In a market saturated with in-depth analyses of how money rules the game, sitting alongside prematurely-released autobiographies from prima donnas keen to detail their difficult Cristal-drinking existences, Up Pohnpei stands out as a shining beacon of football lierature, oozing moral fibre and radiating the pure light of the sport for all to consume.
In 2007, disillusioned Football Italia journalist Paul Watson and his friend Matt Conrad decided to embark on a quest to become international footballers, by finding the country with the world's worst football team. Research (on Wikipedia, of course) led them to the tiny island of Pohnpei in the Federated States of Micronesia, but their dreams were quashed by the country's strict citizenship laws.
However, a meeting in London with a former inhabitant of Pohnpei convinces them that, although they can't play, they could perhaps become coaches of the long-defunct national team.
What follows is an entertaining account of the pair's admirable adventure, as they cross several time zones in an attempt to reignite the football flame on Pohnpei, which has a sky-high obesity rate and little interest in sport.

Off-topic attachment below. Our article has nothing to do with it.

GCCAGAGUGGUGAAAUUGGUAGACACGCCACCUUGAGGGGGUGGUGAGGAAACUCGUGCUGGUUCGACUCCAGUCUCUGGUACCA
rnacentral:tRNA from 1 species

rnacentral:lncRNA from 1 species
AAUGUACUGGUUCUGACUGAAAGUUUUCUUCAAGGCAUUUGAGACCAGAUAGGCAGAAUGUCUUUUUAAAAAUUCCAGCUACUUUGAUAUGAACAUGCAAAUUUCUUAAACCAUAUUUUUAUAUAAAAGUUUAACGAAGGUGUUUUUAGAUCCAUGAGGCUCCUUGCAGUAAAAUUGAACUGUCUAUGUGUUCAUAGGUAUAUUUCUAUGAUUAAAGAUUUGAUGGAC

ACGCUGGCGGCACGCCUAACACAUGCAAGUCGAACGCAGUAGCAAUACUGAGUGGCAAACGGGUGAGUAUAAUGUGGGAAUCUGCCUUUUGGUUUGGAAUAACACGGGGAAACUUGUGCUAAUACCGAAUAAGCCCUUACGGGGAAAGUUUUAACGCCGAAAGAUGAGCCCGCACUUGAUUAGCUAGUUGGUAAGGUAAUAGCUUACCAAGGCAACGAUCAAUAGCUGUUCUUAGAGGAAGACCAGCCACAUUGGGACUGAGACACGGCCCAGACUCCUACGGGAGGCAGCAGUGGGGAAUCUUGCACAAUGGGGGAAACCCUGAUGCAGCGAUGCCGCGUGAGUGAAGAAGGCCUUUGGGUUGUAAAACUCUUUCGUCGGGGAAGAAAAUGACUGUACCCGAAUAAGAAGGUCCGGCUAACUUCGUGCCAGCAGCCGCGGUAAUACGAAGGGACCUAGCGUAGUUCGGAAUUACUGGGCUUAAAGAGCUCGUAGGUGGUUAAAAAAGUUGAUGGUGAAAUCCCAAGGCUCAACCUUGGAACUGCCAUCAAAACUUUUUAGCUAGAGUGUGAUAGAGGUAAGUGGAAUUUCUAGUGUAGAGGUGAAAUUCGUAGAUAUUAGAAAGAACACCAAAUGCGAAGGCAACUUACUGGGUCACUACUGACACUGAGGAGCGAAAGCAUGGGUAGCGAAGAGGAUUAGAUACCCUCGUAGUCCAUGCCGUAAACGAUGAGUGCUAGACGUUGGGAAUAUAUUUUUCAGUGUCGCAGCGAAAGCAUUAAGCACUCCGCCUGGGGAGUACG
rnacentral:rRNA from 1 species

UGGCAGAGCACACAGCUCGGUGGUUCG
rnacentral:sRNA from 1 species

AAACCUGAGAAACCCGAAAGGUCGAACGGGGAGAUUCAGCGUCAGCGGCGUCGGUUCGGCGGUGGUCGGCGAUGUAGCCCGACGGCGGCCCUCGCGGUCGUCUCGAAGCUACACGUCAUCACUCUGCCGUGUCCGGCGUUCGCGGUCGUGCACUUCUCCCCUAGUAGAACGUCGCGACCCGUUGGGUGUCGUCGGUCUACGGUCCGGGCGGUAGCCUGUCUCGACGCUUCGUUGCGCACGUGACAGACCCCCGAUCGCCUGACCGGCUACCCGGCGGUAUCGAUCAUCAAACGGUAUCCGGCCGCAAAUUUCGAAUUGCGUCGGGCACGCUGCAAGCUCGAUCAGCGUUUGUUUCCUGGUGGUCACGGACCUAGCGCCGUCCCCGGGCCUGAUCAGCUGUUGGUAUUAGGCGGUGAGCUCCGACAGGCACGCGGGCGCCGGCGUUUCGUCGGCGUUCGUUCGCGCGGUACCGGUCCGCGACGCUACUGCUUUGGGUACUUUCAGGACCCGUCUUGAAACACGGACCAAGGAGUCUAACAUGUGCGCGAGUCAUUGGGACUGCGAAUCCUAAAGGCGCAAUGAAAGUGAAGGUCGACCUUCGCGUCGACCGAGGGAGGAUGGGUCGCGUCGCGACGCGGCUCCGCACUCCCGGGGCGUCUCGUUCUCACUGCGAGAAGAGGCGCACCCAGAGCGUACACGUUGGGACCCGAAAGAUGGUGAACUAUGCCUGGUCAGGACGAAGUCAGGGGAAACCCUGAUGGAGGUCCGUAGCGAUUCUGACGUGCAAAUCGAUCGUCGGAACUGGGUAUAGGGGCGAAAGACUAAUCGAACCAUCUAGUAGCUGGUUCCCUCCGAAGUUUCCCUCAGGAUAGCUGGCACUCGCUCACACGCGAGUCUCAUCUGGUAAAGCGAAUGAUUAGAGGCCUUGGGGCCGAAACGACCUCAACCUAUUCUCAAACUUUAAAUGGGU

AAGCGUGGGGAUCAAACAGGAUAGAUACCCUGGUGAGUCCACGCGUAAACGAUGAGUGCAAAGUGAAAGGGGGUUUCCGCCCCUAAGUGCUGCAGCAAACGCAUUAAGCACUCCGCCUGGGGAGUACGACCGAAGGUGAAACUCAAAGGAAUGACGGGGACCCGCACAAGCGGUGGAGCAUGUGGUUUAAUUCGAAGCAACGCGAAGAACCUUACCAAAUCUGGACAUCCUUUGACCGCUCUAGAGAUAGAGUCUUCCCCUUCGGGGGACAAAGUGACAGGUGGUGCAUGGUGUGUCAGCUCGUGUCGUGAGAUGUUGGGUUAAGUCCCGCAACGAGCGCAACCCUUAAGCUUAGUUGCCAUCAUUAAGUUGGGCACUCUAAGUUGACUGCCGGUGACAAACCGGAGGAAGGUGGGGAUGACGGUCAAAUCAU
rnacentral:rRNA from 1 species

Watson paints a vivid picture of life on the remote pacific isle - which can claim one of the wettest climates in the world - and of the colourful characters and cultural contrasts he encounters along the way.
It is grassroots football at its rawest as an almost-forgotten pastime is brought back to the fore on Pohnpei. Watson and Conrad's passion for the game pours off the page, leaving the reader to will the unlikely duo on towards their seemingly impossible goal of guiding the ultimate underdogs to their first win.
A heartwarming, uplifting antithesis to all that is wrong with the modern game, Up Pohnpei is the must-read football book of 2012.
Up Pohnpei is published by Profile Books and will be released on February 2